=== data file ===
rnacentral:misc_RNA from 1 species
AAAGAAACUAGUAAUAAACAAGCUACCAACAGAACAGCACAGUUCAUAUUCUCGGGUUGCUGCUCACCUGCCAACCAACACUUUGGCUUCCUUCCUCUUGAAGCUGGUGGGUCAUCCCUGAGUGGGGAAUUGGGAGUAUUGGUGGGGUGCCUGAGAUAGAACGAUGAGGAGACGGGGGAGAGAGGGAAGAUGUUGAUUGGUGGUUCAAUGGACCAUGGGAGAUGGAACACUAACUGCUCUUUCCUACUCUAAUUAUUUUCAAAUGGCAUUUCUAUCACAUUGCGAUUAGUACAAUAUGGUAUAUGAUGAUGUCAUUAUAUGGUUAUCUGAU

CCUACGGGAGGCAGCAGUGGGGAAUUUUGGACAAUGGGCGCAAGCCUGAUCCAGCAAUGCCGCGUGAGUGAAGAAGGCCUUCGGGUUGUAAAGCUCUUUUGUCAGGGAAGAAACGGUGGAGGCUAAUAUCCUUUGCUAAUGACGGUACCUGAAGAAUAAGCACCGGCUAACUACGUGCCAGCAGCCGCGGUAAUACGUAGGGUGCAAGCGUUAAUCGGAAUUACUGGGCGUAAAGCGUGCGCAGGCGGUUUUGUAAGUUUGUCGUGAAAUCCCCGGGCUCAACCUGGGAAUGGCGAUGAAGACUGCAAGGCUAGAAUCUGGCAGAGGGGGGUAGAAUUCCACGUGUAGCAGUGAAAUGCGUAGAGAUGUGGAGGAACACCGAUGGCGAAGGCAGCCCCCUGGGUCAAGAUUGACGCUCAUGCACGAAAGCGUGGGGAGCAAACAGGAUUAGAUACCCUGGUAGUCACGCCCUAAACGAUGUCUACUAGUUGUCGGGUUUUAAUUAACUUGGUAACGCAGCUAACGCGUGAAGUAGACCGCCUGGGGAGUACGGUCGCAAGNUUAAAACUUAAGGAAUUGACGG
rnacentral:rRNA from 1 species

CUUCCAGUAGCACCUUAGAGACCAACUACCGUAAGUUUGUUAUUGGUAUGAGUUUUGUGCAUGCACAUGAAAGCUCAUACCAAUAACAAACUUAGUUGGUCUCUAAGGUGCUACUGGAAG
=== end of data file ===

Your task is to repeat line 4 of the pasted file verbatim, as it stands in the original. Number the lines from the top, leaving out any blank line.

rnacentral:rRNA from 1 species